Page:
For Gilliam, the film is clearly intended as a dark fairy tale, and he layers in many references to past works of the genre: mirrors, rabbit holes, a journey to grandmother's house, a wardrobe in the attic, etc. The trips through Jeliza-Rose's imagination allow him to indulge in the type of surreal fantasy set-pieces he's famous for, and the movie has many moments of true lyrical genius. But it keeps coming back to one central problem, which is that Gilliam has designed the picture as an affront on the audience's sensibilities without ever making a case for why it's necessary. What is the point of putting this child into such harrowing circumstances? What is the message of the movie – that children are resilient and fantasies help us to escape the unpleasantness of reality? Is that all, and if so, is that really a sufficiently worthy message that couldn't have been reached any other way? In many respects, Guillermo del Toro's Pan's Labyrinth (released theatrically in the United States just a few months later) was a far more successful realization of the movie Gilliam wanted to make.
Like most of Terry Gilliam's films, Tideland had something of a cursed history. Although produced on schedule and budget, the movie drew such a divisive reaction from critics and festival audiences that no American studio wanted to touch it. Eventually, the now-defunct independent distributor TH!NKFilm picked it up a full year after its international debut and seriously bungled the release, putting it in just a handful of theaters where it made negligible money. The label then subsequently botched the DVD edition with a cropped aspect ratio the director raised hell about. Despite promising to fix that, no correction was ever issued and TH!NKFilm went out of business a few years later.
In 2007, Tideland turned up on both the Blu-ray and competing HD DVD formats in Germany courtesy of Concorde Video, but the movie never made the transition to high-definition in English-speaking markets until now. After the demise of TH!NKFilm, ownership of the movie wound up with Universal, from which Arrow Video has licensed it for a simultaneous Blu-ray release in both the UK and United States.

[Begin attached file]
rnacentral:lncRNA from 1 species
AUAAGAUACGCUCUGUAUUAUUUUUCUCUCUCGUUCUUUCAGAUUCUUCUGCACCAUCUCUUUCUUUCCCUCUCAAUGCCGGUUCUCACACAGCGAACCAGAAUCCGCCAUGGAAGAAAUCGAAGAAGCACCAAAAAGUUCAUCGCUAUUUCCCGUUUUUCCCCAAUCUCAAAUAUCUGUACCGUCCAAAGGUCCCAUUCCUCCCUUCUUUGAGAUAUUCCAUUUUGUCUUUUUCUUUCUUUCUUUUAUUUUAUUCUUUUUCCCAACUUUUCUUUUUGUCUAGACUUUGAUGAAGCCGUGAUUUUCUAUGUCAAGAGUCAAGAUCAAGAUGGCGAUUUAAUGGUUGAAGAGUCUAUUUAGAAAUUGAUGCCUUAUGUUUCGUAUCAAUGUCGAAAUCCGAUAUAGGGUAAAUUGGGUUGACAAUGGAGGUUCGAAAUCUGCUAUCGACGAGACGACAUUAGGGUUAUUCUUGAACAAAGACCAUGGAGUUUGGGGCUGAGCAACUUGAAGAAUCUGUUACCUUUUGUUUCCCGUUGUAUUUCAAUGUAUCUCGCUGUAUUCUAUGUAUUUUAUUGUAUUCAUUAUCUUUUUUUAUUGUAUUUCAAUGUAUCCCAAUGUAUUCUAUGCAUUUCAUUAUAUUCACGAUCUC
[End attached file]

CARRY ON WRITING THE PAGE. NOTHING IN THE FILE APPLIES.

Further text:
The Arrow Blu-ray comes packaged in a clear keepcase with reversible cover art. On one side is the movie's traditional poster art, while the other has a jokey cartoon image of a squirrel with a shark head. Inside the case is a booklet with an essay by film writer Neil Mitchell, who is much more enthusiastic about the movie than I am. From its "Play Movie" option, the disc menu offers a choice of starting the film with or without a video introduction by Terry Gilliam. I recommend skipping the intro. All of the disc contents are virtually identical to the Concorde release from a decade earlier.
Arrow Video frequently performs its own film-to-video transfers for Blu-ray, but the liner notes in the booklet with this disc curtly state that, "The High Definition master was supplied by Universal," almost as if to pass the buck. This is clearly an older master that's been kicking around for a while. I still have the HD DVD from 2007, and picture quality on this disc is unchanged from that one as far as I can tell. To be fair, I was very impressed with the HD DVD when I reviewed it a decade ago. However, looking at it again now, standards have risen considerably since then and it doesn't hold up particularly well. I had a smaller screen at the time, and even accounting for that, I feel that I overrated it.
In its favor, the Blu-ray gets the movie's aspect ratio mostly right. Tideland was shot using the Super 35 film format and was projected in theaters at 2.40:1. Afterward, Terry Gilliam indicated that he felt the framing was a little too tight and requested that the mattes be opened a small amount to about 2.25:1. The DVD distributor TH!NKFilm misinterpreted these instructions and instead released it at a screen-filling 16:9, exposing too much picture on the top and bottom while cropping a lot from the sides. Gilliam was furious. The original Concorde Blu-ray and now this Arrow disc are presented at a measured 2.35:1, which may not be exactly what Gilliam wanted but is a fair reproduction of the theatrical version. (See this article to better understand why there's so much confusion between 2.35:1 and 2.40:1 on home video.) To my eye, the framing looks fine in all but one scene (at around 91 minutes), which is indeed a hair too tight but nothing worth fretting about.